It’s fantastic just a few months of experience, Skip and I continued awe, amazed and impressed by this fascinating country that we have made our home. One thing that helped me to change my perspective would with a colleague for a cafe in a beautiful leafy balcony where I settled back into a rattan sofa and realize there are actually places that can become havens when the heat and the dust becomes too much to handle. But, funny thing is, it does not make me look more expat havens. It gives me more of a perspective on the city and the realization that I had flown thousands of miles from home to learn about other cultures, none that I can get at home.
Little by little, I began to see through different eyes. I find joy in racing across town in a tuktuk observe monk orange-wrapped with an umbrella and some passengers piled onto motos with large panels of glass, leafy tree or a live chicken. I see glittering roof of the palace as we walked home at night. And I’m afraid of looking into roadside stalls selling food dishes recognizable as we walk through the city no longer.
Most of all, I find myself drawn to people who should be among the most beautiful race in the world – both inside and out. Having been raised in this war-torn country – most of whom have lost family and friends during the Pol Pot regime – they are very resilient, soft and without self-pity. their smile is enough to brighten my day and every child eyed melts my heart when they wave and a beam from the rear or side of the road moto.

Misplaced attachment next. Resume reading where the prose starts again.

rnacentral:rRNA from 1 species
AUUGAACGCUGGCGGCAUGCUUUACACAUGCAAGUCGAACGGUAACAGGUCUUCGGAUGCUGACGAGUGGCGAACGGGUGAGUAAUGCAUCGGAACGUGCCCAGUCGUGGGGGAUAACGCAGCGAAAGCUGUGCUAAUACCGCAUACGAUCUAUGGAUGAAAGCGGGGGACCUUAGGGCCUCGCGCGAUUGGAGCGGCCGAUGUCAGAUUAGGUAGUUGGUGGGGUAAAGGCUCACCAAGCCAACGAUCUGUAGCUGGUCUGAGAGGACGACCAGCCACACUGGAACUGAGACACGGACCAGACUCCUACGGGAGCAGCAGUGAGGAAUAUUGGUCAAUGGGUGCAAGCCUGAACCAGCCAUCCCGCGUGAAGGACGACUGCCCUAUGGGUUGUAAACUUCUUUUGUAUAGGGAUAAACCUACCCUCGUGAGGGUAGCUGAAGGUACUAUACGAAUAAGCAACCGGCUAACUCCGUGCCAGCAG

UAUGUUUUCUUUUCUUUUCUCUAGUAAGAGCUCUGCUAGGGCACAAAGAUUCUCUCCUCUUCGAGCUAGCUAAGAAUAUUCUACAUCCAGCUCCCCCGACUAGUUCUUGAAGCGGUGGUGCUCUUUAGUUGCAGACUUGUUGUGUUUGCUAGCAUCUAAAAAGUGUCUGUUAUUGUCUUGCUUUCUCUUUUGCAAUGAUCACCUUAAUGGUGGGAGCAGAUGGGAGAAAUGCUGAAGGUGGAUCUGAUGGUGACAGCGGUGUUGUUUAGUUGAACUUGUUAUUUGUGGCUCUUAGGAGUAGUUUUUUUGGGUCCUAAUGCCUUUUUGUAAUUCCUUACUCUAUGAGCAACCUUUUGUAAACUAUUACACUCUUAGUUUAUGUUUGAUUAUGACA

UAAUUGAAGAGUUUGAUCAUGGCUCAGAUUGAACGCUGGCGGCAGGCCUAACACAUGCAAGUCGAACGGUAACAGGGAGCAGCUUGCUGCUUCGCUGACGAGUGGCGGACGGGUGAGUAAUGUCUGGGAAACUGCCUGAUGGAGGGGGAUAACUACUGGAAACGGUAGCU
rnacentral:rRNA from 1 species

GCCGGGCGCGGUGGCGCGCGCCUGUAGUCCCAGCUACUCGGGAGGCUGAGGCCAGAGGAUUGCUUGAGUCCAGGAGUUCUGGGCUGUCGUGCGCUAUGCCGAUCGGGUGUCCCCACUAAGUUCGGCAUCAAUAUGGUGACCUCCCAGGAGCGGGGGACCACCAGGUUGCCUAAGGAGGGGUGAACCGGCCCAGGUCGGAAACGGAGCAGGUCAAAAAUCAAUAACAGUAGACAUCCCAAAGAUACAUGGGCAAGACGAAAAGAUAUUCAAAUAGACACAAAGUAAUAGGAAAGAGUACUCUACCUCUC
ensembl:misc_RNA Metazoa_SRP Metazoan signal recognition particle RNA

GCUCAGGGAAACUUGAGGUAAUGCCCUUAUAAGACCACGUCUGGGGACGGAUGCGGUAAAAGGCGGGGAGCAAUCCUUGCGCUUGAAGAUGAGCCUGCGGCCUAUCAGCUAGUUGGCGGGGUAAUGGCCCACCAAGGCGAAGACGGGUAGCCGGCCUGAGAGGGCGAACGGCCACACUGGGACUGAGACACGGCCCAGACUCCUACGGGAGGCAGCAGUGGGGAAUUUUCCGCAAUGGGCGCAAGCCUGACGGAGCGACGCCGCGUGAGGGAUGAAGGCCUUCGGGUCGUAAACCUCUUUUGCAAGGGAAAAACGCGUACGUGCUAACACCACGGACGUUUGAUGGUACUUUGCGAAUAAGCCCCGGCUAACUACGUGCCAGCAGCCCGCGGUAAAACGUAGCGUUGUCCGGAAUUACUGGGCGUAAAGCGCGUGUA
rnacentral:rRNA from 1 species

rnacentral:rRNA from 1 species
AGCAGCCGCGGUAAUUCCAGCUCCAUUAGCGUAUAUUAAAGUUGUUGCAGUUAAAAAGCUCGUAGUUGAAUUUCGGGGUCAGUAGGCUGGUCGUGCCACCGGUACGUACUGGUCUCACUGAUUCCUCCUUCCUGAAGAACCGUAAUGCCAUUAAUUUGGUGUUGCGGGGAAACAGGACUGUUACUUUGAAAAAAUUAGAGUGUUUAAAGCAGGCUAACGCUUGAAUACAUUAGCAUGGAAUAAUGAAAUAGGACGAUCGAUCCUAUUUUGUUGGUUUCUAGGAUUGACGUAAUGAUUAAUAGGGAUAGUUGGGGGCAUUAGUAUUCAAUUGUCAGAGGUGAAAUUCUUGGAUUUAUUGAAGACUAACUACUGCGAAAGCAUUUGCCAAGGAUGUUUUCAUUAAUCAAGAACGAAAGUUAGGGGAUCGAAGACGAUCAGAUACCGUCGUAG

As we begin to feel more comfortable with the city, we find an apartment in a quiet part of the town, happily, has an unusual amenities of bath and stove (not normal in most of the apartments in Phnom Penh). And, little by little, we ventured further and deeper into the city streets and people’s lives.
While we are often in the company of fellow volunteers, we are also looking for local friends, one of which appears in the form and our driver, Somon. Soul welcoming and friendly, Somon transporting us back and forth every day to language classes and Skip decided he wanted to invite him and his family to our house for dinner.
Somon arrived Sunday night and rolled in his tuktuk, smartly dressed and escorting his wife, two adorable children and two sisters that she decided to come along as well. Thirty minutes later, the brother Somon came too … and so is the friend of his brother! And as we scrambled to find an extra plate and silverware, women took over our kitchen and cooked more dishes to add Skip the chicken curry, then cleared everything from top to bottom
It was a great night. Somon and her family sat, beaming, unable to speak much English but said volume in their smile and their gratitude.
It is experiences like that which enriches our lives. Of course, it was wonderful to go to an upscale jazz lounge and drink martinis, biting $ 1 tapas. It’s also nice to have dinner at the rooftop restaurant at the FCC (Foreign Correspondent Club) overlooking the river.